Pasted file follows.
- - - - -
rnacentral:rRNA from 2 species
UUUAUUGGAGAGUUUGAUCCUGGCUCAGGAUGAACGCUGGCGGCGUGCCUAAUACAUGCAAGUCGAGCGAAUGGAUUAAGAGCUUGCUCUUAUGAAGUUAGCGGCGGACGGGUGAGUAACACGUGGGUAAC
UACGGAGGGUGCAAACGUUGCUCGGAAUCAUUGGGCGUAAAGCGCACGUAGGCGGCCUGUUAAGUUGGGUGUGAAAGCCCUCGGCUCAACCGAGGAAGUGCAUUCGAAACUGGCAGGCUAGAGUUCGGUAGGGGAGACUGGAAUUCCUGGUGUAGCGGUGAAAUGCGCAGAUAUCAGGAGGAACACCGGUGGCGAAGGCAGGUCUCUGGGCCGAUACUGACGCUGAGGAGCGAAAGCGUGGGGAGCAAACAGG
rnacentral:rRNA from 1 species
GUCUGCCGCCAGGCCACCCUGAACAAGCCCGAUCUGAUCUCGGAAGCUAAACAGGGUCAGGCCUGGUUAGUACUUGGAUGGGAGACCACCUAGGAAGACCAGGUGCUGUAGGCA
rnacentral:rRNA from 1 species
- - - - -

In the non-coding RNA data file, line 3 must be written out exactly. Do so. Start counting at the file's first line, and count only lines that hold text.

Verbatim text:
UACGGAGGGUGCAAACGUUGCUCGGAAUCAUUGGGCGUAAAGCGCACGUAGGCGGCCUGUUAAGUUGGGUGUGAAAGCCCUCGGCUCAACCGAGGAAGUGCAUUCGAAACUGGCAGGCUAGAGUUCGGUAGGGGAGACUGGAAUUCCUGGUGUAGCGGUGAAAUGCGCAGAUAUCAGGAGGAACACCGGUGGCGAAGGCAGGUCUCUGGGCCGAUACUGACGCUGAGGAGCGAAAGCGUGGGGAGCAAACAGG